The extent of future changes in flood risk has not been estimated across the full Federal inventory. However, OMB used NOAA sea level rise maps to assess inundation risk at a sample of coastal facilities—including facilities that were excluded from the floodplain assessment due to lack of precise location data. Of 57,000 inventory records reviewed in coastal areas, OMB identified 12,000 individual Federal buildings and structures, with a replacement cost of $62 billion, that would be inundated or severely affected[3] by the average high tide under a six foot sea level rise scenario. The majority of these assets are associated with the Department of Defense. A significant portion of these facilities appears to be located outside of the current 100-year floodplain, reinforcing the expectation that sea level rise will appreciably expand the number and value of Federal facilities facing flood risk in the coming decades.

OMB has not estimated the likely costs associated with this liability over the coming decades.[4] Replacement cost is an imperfect indicator of the rough scale of fiscal risk. Severe flooding or the promise of recurring inundation could require outright abandonment and/or replacement. In many cases, however, an individual flood event or the presence of flood risk may prompt less costly investments in protective infrastructure and repairs. The Federal Flood Risk Management Standard requires Federal agencies to consider current and future risk when rebuilding structures that have been damaged in a floodplain. Some protective investments may require one-time expenditures; others may occur and even increase over time as flood risk intensifies. Nonetheless, such investments for any given asset could be significantly smaller than the asset’s total replacement cost. For more information on the assessment, see the Technical Supplement accompanying this report.

Key Limitations and UncertaintiesEdit

The Federal Government remains in the early stages of identifying the full extent of flood risk facing Federal facilities under current and future conditions largely due to persistent data limitations.

First, the Federal Government lacks projected nationwide floodplain maps that reflect expected changes due to climate change. A 2013 study conducted for FEMA demonstrated the scale of climate impacts on flood risk, finding that by 2100 the typical 1 percent annual chance floodplain area would grow by 40-45 percent largely due to climate change (AECOM, 2013). However, FEMA’s maps are used to implement the National Flood Insurance Program and to provide communities with accurate flood hazard information, and therefore reflect existing flood risk. Without future projections, the full extent of the impact of climate change on flood risk for Federal facilities is not clear.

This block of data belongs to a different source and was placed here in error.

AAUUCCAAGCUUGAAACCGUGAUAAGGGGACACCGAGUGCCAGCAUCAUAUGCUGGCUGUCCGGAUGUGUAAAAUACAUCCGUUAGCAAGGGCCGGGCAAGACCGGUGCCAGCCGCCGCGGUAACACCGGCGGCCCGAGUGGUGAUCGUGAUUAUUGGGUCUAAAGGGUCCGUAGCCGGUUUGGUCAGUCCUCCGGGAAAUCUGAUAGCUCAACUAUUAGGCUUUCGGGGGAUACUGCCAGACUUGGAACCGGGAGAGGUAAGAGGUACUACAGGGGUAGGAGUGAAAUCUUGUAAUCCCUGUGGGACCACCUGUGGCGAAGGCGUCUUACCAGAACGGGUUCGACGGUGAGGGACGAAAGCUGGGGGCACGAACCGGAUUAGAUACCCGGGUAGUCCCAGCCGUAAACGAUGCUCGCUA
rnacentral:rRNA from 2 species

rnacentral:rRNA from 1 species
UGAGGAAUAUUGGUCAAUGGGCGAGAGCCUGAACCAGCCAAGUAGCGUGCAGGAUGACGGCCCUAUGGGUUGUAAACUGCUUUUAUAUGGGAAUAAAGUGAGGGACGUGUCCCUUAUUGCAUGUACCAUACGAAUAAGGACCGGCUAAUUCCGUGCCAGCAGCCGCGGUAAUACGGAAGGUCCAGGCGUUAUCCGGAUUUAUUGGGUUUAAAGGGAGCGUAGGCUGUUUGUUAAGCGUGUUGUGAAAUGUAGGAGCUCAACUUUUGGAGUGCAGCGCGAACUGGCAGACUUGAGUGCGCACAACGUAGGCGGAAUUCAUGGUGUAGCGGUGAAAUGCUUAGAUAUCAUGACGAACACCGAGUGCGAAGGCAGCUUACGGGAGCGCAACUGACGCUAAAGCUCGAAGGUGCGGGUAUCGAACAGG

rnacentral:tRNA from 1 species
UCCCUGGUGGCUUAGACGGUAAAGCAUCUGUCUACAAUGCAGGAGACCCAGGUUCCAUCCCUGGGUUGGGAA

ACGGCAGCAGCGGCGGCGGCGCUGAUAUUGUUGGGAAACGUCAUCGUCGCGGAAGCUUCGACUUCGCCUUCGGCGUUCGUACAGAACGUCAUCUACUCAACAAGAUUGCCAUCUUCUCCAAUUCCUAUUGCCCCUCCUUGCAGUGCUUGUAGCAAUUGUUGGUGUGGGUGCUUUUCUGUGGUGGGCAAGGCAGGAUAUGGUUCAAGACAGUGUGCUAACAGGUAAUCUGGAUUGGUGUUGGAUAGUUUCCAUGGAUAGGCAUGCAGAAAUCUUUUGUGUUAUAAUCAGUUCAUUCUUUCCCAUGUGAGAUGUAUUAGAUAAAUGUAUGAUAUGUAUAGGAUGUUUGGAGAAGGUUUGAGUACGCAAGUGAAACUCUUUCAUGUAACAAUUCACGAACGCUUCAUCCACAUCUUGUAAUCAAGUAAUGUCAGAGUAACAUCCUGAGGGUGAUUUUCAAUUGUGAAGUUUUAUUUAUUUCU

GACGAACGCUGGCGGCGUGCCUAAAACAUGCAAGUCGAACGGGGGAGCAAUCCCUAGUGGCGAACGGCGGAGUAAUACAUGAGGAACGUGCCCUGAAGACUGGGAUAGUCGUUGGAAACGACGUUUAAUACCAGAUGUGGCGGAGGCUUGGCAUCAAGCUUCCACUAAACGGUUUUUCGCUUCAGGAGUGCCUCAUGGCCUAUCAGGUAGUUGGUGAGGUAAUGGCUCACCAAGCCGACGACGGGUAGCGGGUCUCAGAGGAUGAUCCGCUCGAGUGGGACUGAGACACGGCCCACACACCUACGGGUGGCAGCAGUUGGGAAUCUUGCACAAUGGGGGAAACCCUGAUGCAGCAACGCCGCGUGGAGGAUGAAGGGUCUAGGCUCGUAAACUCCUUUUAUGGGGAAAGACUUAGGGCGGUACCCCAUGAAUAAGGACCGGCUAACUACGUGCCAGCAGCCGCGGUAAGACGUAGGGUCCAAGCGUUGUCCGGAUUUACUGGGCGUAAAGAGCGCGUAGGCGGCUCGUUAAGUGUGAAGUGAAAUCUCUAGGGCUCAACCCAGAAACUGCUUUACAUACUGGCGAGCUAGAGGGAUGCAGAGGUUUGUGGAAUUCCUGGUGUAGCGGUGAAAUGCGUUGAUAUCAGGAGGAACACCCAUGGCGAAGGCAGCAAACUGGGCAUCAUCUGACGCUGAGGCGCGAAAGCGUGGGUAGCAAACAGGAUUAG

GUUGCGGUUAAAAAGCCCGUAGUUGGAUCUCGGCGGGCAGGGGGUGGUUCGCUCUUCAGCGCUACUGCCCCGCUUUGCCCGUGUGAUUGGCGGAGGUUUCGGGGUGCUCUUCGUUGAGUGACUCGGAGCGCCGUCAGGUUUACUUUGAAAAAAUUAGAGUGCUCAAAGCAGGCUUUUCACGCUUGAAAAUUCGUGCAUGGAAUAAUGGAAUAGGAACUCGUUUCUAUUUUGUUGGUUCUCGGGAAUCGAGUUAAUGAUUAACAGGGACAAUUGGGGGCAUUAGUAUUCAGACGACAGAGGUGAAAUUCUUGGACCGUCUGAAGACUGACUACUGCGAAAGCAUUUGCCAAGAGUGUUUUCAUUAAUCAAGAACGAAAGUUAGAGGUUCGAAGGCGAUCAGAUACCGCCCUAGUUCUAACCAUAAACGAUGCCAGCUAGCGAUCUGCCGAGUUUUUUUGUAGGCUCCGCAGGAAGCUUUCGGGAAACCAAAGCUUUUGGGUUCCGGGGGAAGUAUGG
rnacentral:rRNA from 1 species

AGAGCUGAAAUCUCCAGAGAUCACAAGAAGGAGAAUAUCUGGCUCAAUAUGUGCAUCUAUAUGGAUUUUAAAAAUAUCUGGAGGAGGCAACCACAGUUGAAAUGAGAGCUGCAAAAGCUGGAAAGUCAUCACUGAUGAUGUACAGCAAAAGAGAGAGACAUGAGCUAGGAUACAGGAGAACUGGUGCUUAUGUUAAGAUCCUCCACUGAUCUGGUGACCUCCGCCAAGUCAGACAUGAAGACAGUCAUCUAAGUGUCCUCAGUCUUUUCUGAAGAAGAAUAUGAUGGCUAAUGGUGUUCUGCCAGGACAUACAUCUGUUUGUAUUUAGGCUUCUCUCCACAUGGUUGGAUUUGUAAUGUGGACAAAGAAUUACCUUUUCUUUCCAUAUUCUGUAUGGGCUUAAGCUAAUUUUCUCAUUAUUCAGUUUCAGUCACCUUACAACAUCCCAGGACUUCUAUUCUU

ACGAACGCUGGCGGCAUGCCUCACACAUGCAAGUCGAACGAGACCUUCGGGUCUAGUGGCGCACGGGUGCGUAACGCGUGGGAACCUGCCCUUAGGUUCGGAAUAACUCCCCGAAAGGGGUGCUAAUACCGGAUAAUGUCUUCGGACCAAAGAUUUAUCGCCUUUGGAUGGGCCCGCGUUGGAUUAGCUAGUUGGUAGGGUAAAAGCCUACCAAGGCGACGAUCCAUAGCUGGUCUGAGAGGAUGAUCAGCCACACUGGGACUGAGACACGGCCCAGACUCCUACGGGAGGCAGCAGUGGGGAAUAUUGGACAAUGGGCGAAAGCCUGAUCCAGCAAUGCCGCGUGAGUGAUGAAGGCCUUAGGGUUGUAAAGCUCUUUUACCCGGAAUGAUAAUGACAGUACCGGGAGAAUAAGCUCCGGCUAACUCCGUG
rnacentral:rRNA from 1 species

Second, detailed damage modeling has not been conducted on the Federal inventory to determine actual expected costs due to flooding. This type of assessment is conducted routinely by insurance companies in the private sector and would provide a clearer picture of Federal fiscal risk exposure than replacement cost. An assessment was also conducted for FEMA’s National Flood Insurance Program in 2013, finding that the total number of policies would increase by 80-100 percent by 2100 in part due to climate change, and that the average loss cost per policy would increase by 50-90 percent (AECOM, 2013). In combination with good analytics on current and future flood risk, damage modeling on Federal property would enable better planning for investments and divestments across the Federal inventory.

Third, the Federal Government has not yet created a comprehensive dataset that would enable precise spatial analysis of the entire Federal property inventory. Due to national security concerns, the FRPP does not include geographic coordinates for a broad set of defense and homeland security facilities. Similarly, the FRPP includes several types of non-building assets such as transportation and communications infrastructure for which geographic coordinates are not reported and street addresses are unreliable for the purposes of accurately determining flood risk.

In addition to these data limitations, risk assessments in this area are also affected by scientific uncertainty. In particular, local flood impacts from climate change can be difficult to project due to the challenges of downscaling global change models to the local level. In addition, while there is high confidence that sea levels have already risen and will continue to rise over this century and beyond, the future rate of sea level rise remains difficult to predict.

  1. The Federal Government owns more than 775,000 individual buildings and structures with a total estimated replacement cost of nearly $1.9 trillion.
  2. The 100-year floodplain is the area that will be inundated by the flood event having a 1 percent chance of being equaled or exceeded in any given year.
  3. For example, a building was considered “severely affected”—even if it would not be inundated itself—if its major access roads or ports would be inundated, or if major facilities on a shared campus would be inundated.
  4. Note that a portion of these costs associated with vulnerable Federal coastal assets is implicitly included in the coastal storm disaster relief estimates; however, those results do not capture any costs for facilities on the west coast or in Hawaii, or non-hurricane costs associated with sea level rise for assets on the east and gulf coasts.